A power indicator circuit may also be coupled to each of cores 76, 96 to indicate whether the independent oscillators in the ballast circuit are operating normally. Preferably such a circuit would comprise a series connection of a light emitting diode 128 and a suitably chosen resistor 130 connected across a secondary winding 132. The diodes 128 for the independent oscillators may emit light in different portions of the visible spectrum to differentiate the two oscillators, for example, the diode 128 for the FVO may emit yellow light while the diode 128 for the AVO may emit green light.
The circuit described herein is adapted to provide an arc voltage to two lamps whenever a fault or interrupt condition does not subsist. With the foregoing in mind, fault or interrupt detector circuit 22 is now more fully described. As previously, noted, there is a detector circuit 22 associated with each lamp filament 18. Thus, for the ballast circuit shown, there are four discrete detector circuits 22 illustrated, although the invention is not so limited. Fewer detector circuits 22 can be used to monitor the current in the filaments 18 of one or more lamps, as understood by those skilled in the art. The detector circuits 22 are identical; accordingly, only one of the detector circuits 22 is described.
In principle, the detector circuit 22 provides a means for monitoring the condition of each of the lamp filaments 18 in real-time so that the arc voltage may be terminated in the event of a fault or interrupt condition. In combination with certain logic or switching elements, the detector circuit 22 conserves the power that would otherwise be expended in maintaining the arc voltage on a faulty or inoperative lamp, and maintains a safe operating environment for maintenance personnel, other persons, and property by reducing, if not eliminating, shock and fire hazards associated with the more than 500 volt output of the arc voltage source.
As shown in FIG. 2, each detector circuit 22 comprises a detection transformer 134 having a primary winding 136 in series with the lead 52, between the connector 46 and one end of the secondary windings 82. When there is current flow through the filament 18, there is also current flow through the primary winding 136. This induces a current in a secondary winding 138 of the detection transformer 134. The induced current causes a BJT 140 to conduct. The BJT 140 may be a high voltage, NPN transistor such as the Motorola BU406. The conducting BJT 140 causes current flow at node 142. The current causes a voltage drop across a voltage divider comprising resistors 144, 146 to provide a sense voltage on one of the output lines 148a, 148b, 148c, and 148d that is nominally 1.5 volts DC. Resistors 144 and 146 that comprise the voltage divider to the output lines 148 may be, for example, 1.2 and 2 Kilohm 1/4 watt elements, respectively. A smoothing capacitor 149 buffers the conduction of the BJT 140, and is preferably 1 μF and rated to 50 Volts.
On the input side, the detector circuit 22 includes a current divider comprising resistors 150, 152 to divide the current that appears at the base of the BJT 140. Resistors 150 and 152 may be, for example, 100 ohm 1 watt and 10 ohm 1/4 watt elements, respectively. Also, a blocking diode 154 protects the BJT 140 from damage which could otherwise result if the circuit is subjected to excessive currents. A suitable diode 154 is the 1N4448 from Diode Incorp. rated at 500 mW.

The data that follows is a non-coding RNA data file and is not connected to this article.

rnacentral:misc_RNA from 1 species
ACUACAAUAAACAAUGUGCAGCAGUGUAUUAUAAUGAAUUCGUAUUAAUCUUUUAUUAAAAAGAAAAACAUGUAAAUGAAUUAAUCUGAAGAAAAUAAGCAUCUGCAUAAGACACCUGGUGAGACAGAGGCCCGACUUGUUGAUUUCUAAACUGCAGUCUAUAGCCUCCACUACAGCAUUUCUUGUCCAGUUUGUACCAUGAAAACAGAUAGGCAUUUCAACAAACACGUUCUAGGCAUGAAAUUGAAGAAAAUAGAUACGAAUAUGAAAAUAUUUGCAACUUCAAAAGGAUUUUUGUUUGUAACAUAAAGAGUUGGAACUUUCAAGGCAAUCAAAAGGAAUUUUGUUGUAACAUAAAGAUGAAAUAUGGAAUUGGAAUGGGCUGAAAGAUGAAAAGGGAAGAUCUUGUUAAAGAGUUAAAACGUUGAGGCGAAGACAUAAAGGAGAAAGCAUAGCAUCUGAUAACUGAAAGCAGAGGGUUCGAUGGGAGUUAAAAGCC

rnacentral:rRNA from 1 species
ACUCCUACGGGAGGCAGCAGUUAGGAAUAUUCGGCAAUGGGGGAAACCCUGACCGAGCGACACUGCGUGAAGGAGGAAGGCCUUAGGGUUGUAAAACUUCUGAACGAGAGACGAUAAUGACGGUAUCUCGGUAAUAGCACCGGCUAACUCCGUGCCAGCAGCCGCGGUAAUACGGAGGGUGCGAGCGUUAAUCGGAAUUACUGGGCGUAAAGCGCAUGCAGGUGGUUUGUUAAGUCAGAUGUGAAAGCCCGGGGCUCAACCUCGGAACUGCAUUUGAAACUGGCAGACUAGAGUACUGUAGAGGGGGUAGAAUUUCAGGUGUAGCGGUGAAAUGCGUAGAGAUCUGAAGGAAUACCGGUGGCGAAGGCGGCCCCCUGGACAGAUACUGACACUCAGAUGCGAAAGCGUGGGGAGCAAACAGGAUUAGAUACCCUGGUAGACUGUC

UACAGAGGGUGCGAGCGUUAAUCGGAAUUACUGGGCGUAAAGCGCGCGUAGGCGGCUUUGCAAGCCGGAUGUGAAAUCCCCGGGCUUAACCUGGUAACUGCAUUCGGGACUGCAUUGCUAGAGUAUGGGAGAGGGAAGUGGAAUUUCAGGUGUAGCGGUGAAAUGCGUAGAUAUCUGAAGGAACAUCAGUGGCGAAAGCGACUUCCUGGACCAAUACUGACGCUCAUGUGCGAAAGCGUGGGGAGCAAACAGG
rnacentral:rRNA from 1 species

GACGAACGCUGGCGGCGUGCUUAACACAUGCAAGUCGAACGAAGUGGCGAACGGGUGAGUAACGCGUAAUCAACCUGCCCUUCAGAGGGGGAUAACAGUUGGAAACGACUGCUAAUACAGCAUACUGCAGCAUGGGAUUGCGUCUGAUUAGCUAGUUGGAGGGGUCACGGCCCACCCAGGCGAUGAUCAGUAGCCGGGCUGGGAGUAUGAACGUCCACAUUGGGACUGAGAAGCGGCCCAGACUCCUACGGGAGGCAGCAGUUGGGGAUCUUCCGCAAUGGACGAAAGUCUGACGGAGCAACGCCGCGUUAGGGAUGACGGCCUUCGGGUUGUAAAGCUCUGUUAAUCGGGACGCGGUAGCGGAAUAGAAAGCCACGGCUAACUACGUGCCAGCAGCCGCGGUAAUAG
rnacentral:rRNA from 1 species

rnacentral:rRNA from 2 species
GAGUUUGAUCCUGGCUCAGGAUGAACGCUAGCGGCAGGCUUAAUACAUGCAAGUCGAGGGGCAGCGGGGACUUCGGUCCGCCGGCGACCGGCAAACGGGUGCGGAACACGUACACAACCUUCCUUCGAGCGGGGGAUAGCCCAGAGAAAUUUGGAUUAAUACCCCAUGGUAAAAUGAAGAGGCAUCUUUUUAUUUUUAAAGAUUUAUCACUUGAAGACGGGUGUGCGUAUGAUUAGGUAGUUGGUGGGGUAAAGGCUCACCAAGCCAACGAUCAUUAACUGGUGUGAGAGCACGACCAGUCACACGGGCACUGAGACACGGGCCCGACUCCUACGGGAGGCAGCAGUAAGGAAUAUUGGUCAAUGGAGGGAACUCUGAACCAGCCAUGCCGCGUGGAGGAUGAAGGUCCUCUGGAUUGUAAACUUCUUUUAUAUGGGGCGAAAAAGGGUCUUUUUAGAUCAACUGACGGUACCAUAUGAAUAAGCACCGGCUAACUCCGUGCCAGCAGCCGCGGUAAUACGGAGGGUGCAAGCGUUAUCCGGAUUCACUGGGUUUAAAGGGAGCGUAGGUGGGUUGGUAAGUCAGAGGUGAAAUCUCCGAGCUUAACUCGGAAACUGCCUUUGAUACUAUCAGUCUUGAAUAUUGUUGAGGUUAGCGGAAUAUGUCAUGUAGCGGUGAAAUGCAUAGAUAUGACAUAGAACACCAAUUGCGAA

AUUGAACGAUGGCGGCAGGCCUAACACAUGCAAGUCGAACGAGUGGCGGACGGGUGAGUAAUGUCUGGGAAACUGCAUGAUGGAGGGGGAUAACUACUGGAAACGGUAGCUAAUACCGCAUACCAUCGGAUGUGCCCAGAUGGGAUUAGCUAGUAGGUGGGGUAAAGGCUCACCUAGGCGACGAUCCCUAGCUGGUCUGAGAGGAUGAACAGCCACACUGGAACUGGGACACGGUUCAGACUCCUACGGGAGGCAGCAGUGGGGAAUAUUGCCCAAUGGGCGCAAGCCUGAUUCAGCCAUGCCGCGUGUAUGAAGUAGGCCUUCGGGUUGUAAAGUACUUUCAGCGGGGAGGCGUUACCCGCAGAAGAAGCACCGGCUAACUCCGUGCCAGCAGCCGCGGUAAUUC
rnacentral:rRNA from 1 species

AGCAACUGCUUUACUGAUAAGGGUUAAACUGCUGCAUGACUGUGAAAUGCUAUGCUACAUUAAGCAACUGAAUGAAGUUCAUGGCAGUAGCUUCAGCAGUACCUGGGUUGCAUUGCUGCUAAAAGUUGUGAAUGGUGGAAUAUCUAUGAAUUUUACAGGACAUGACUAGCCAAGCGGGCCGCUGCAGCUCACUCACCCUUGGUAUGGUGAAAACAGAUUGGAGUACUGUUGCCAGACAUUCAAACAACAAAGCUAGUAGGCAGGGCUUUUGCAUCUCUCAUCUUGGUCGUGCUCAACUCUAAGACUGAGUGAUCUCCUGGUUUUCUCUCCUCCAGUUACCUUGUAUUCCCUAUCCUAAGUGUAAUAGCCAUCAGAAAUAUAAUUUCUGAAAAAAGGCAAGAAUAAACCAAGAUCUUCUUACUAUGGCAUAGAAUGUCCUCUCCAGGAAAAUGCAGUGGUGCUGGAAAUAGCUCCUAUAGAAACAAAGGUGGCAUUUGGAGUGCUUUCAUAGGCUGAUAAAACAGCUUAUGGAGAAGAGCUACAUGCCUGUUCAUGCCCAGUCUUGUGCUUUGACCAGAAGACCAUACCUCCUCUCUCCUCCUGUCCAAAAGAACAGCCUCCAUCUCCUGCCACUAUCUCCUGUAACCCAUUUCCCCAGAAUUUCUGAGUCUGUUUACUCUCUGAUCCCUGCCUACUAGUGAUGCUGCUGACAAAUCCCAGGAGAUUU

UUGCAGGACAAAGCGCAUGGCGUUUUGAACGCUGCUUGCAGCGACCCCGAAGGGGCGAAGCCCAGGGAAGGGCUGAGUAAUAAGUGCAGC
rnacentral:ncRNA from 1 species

The detector circuit 22 is configured to nominally provide a 1.5 volt DC signal on output lines 148 during normal or safe lamp operating conditions. However, when a lamp filament breaks, no current will flow in lead 52 and therefore no current will be induced in the secondary winding 138 of the detection transformer 134. As a result, the BJT 140 will stop conducting and the voltage on output lines 148 will be approximately 0.2 V or lower. Further, enhanced current flow in lead 52 can lead to a higher output voltage on lines 148 during lamp arcing conditions. In particular, when the lamp 12 is improperly seated in its socket so that the lamp pins (attached to the filaments) do not make good contact with output lines 54 (that is, there is arcing between the pins and socket), as when the lamp 12 vibrates or bounces in its socket, or when the filament 18 is near the end of its life, a quasi-fault condition may occur with the result that a higher base current is applied to the BJT 140, enhancing its current conduction between collector and emitter, and causing a voltage of 2.2 volts or greater to appear on output lines 148.
In accordance with one aspect of the present ballast arrangement, the AVO 24 ceases to oscillate when a voltage appears on the output lines 148 of any of the detector circuits 22 which deviates from the nominal voltage of approximately 1.5 volts by more than a predetermined range, for example, ±0.6 volts. A voltage above or below the predetermined range causes all of the lamps 12 connected to that AVO 24 to cease producing flight until safe conditions are restored.
In a preferred embodiment and as illustrated in the schematic of FIG. 2, the logic circuit 30 which shuts down the AVO under such conditions may comprise a quad power fault monitor ("QPFM") 160 such as the SG1548 manufactured by Silicon General, Inc. of Garden Grove, Calif., which is described in the Silicon General Linear Integrated Circuits Data Sheet at pages 4-157 to 4-160 and in the Application Notes at 12-91 to 12-97, the entirety of which are incorporated by reference as if set forth herein. The QPFM 160 can monitor up to four positive DC voltages simultaneously for overvoltage and undervoltage fault conditions, and has other features that advantageously may be adapted in further aspects of the inventive ballast arrangement, as described below.